[i] History of Washtenaw County, Michigan, William Sanford – Pages 1408 and 1409. Chas. C. Chapman & Co. (1881). History of Washtenaw County, Michigan: Together with sketches of its cities, villages and townships … and biographies of representative citizens : history of Michigan. Chicago: Chas. C. Chapman & Co. https://archive.org/details/cu31924028870520.

[ii] 1810 Census (FS), Family Search, 1810 Census – Benjamin Chamberlain Head – Bennington, Vermont. “United States Census, 1810,” database with images, FamilySearch (https://familysearch.org/ark:/61903/1:1:XH21-YST : accessed 7 February 2018), Benj Chamberlain, Bennington, Vermont, United States; citing p. 87A, NARA microfilm publication M252 (Washington D.C.: National Archives and Records Administration, n.d.), roll 64; FHL microfilm 218,668.

[iii] See Endnote #1 above.

[iv] 1820 Census (FS), Family Search, 1820 – Ezra Sanford – Bergen, Genesee, New York. “United States Census, 1820,” database with images, FamilySearch (https://familysearch.org/ark:/61903/1:1:XHLV-7VN : accessed 24 September 2017), Ezra Sanford, Bergen, Genesee, New York, United States; citing p. 43, NARA microfilm publication M33, (Washington D.C.: National Archives and Records Administration, n.d.), roll 72; FHL microfilm 193,727.

[v] 1830 Census (FS), Family Search, Ezra Sanford – Clarendon, Orleans, New York. “United States Census, 1830,” database with images, FamilySearch (https://familysearch.org/ark:/61903/1:1:XHG5-KP2 : 29 July 2017), Ezra Sanford, Clarendon, Orleans, New York, United States; citing 96, NARA microfilm publication M19, (Washington D.C.: National Archives and Records Administration, n.d.), roll 115; FHL microfilm 17,175.

[vi] See Endnote #1 above.

[vii] 1840 Census (FS), Family Search, 1840 Census – Ezra Sanford – Saline Township, Washtenaw, Michigan. “United States Census, 1840,” database with images, FamilySearch (https://familysearch.org/ark:/61903/1:1:XHYX-63Z : 15 August 2017), Ezra Sandford, Saline Township, Washtenaw, Michigan, United States; citing p. 140, NARA microfilm publication M704, (Washington D.C.: National Archives and Records Administration, n.d.), roll 211; FHL microfilm 14,797.

1840 Census and Chester Parsons

Census Sunday

The 1840 census often exasperates genealogists.  I find the information presented to be challenging and able to provide new questions as well as details.

I was getting to know my 3rd great-grandmother, Mary Electa Parsons. In 1840 Mary Electa was 13 years old and living with her family in Saline, Michigan.  Of course, the 1840 Census only lists heads of households, so seeing Mary in the census is impossible. What I like to do is that the census record and determine who all of the individuals are that are listed suggested in the census.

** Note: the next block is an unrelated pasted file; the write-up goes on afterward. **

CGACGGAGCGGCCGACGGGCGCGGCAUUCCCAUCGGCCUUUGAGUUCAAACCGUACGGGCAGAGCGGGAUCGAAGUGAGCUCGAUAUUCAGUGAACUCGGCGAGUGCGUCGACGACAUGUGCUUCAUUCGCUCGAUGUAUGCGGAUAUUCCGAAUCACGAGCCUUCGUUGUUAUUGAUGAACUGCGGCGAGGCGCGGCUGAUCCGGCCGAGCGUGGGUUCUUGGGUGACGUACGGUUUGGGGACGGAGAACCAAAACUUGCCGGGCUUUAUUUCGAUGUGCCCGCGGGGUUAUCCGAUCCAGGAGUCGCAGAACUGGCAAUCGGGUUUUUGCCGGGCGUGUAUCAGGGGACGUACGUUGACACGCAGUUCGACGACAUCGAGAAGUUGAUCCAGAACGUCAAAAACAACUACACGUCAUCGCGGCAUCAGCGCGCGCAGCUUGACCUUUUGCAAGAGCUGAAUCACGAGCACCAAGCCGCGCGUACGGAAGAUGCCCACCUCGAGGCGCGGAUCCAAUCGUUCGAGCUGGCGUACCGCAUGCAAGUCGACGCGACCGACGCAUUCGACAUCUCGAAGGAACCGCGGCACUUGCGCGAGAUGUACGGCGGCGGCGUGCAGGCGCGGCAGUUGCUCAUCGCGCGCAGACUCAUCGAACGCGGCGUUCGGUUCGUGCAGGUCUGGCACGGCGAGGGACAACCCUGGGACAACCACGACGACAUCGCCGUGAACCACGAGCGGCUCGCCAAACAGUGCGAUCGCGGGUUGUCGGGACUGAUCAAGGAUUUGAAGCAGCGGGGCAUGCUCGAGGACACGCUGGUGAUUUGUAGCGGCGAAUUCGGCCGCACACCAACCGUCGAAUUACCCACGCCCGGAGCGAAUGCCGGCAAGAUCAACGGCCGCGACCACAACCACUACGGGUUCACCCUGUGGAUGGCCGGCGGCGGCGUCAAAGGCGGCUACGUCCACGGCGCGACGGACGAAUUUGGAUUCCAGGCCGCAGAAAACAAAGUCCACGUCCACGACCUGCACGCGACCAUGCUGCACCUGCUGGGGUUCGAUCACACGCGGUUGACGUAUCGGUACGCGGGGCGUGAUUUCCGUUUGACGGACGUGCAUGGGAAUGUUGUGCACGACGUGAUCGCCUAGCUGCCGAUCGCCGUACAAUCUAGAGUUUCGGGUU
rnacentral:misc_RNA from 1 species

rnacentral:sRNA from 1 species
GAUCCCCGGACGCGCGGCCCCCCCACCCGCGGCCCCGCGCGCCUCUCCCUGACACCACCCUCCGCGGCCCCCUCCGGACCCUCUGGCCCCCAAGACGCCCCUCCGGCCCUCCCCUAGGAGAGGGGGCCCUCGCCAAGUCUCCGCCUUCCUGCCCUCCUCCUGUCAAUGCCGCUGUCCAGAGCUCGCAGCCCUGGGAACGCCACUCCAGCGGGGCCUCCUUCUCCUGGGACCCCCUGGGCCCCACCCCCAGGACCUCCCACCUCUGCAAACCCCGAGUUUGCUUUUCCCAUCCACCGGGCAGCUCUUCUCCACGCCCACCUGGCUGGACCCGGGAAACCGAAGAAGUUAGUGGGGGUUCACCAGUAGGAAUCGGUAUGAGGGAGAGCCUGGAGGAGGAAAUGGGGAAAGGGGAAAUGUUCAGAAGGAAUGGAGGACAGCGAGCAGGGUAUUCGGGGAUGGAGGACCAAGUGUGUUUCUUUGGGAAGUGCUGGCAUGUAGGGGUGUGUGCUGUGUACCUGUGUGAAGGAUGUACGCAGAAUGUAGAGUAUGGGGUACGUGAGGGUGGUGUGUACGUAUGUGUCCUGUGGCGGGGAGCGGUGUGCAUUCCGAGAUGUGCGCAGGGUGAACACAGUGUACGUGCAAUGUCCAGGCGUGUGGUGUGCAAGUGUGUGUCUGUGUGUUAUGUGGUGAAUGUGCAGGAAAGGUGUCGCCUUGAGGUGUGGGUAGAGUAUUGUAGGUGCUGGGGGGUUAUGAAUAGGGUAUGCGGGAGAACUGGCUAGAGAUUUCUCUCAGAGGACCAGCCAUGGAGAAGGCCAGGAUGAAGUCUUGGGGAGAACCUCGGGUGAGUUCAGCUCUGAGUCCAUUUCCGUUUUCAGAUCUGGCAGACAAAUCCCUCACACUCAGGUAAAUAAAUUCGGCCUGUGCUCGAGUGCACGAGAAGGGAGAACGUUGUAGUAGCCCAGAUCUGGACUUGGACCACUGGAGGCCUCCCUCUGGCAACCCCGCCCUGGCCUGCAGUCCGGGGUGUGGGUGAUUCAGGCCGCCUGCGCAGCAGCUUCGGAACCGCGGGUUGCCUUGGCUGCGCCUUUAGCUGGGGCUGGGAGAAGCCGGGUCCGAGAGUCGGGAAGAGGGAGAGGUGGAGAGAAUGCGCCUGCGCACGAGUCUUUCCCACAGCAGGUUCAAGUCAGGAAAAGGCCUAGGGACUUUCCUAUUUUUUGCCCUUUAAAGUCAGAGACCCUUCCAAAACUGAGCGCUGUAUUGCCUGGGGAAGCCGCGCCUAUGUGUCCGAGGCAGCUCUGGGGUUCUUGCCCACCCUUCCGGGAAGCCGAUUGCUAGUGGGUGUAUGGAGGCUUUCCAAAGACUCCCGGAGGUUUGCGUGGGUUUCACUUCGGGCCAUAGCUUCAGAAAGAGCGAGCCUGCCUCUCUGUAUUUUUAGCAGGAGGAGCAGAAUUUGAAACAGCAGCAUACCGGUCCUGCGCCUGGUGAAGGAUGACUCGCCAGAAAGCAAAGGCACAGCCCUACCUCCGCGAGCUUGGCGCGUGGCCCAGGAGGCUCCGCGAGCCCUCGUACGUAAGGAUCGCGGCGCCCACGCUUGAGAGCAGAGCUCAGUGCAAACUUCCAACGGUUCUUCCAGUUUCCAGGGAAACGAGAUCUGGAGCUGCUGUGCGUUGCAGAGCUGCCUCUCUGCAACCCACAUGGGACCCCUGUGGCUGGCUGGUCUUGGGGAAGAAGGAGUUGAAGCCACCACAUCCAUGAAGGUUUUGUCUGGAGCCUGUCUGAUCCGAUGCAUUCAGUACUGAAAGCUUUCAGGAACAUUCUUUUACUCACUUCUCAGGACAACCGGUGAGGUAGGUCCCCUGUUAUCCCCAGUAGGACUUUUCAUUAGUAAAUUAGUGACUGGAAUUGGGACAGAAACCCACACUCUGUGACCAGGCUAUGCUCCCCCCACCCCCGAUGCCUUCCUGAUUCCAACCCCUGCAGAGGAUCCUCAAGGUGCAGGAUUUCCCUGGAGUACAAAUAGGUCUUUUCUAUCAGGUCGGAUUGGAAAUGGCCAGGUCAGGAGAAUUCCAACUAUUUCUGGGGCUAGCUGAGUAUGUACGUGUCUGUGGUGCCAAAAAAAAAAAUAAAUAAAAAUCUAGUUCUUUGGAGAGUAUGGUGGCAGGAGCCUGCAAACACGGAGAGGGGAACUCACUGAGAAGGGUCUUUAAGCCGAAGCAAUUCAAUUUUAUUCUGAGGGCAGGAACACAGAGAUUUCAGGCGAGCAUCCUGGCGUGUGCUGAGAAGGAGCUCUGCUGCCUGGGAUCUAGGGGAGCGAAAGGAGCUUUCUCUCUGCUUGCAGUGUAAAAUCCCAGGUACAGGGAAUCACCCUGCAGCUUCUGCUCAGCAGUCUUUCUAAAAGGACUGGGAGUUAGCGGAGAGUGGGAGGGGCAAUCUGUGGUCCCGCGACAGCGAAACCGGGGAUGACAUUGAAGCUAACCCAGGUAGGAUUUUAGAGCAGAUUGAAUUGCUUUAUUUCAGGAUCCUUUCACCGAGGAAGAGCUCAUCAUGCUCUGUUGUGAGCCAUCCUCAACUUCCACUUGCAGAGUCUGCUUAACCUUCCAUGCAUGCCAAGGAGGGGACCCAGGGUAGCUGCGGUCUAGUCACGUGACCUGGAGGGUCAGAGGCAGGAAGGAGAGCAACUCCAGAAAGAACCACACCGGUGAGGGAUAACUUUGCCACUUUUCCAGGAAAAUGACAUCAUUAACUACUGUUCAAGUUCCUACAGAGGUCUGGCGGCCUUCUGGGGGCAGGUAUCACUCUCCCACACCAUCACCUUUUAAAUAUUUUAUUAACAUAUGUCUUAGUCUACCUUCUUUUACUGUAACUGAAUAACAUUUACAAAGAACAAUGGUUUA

Screen shot of 1840 Census
Crop of 1840 Census, Saline Township, PG 141

In the case of Mary Electa’s father, Chester Parsons the details, transcribed are:
Chester Parsons | – 1 –  1 – – 1 1 – – – – – // – 2 2 – 1 1

Then using my other records and sources I try to explain each of the individuals listed.  In this  case they are:

Males: 

  • 1 – 5 to under 10           Presumed to be Alfred (age 10)
  • 1 – 15 to under 20         Unknown
  • 1 – 40 to 50                    Presumed to be Chester Parsons (Age 41)
  • 1 – 50 to 60                    Unknown – Possibly brother of Chester or Deborah but most likely Deborah’s father Robert Maben (Age 59).

Females:

  • 2 – 5 & under 10            Presumed to be Harriet (age 8) and unknown.
  • 2 – 10 & under 15          Presumed to be Lucinda (age 15) and Mary Electa (age 12)
  • 1 – 20 to 30                    Probably Sarah Jane – Inconsistent Age.
  • 1 – 30 to 40                    Presumed to be Deborah Buel Maben Parsons

I am quite sure that Chester and his wife Deborah Buel Maben have one child that died in 1881. That individual could be the unknown male 15 to 20 or could be the female age 5 to under 10. That means there is another child living in the family that is completely unknown. All of the other children known to Chester and Deborah are accounted for.

Chester and Deborah were married in 1824, if they had a child in 1825 that child would have been 15 in 1840 and is a likely candidate to be the first unknown male. Likewise, the second unknown girls between 5 and 10 is a likely child. As such, I’m adding two tentative children of Chester and Deborah:

Unknown Parsons – Male – born 1819-1825. Living 1840 – Saline, Washtenaw County, Michigan.

Unknown Parsons – Female – Born 1829-1835. Living 1840 – Saline, Washtenaw County, Michigan.
I will also update my Unknown Parsons, who died 1881, to suggest it could be one of the above two or an entirely different child.

Finally, there is an unidentified male listed, age 50 to 60. Chester’s father was dead before 1840, however, Deborah’s father, Robert Maben, was still living. Her father would have been 59 in 1840. Additionally, Robert died in 1843 in Saline.  He does not show as the head of a household in Saline during the 1840 Census.  As such, I postulate that Robert Maben was living with his daughter, her husband, and her children.  Do I know this to be true?  No, but I think it is a strong likelihood. As such I’ll add it as a tentative fact until I see facts suggesting otherwise.

Robert Maben – Residence: 1840 – Saline, Washtenaw County, Michigan (Probable) – Probably Living with daughter Deborah and son-in-law Chester Parsons.

Taking an 1840 census, applying all know relationships to the census and then attempting to reconcile any unknowns can lead to new insight into the family and family relationships.

————-Disclaimer————-

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Source: Family Search; 1840 Census; Chester Parsons – Saline Township, Washtenaw County, Michigan, Page 141; https://familysearch.org/ark:/61903/1:1:XHYX-65H

 

Don’t avoid those Bright Shiny Objects.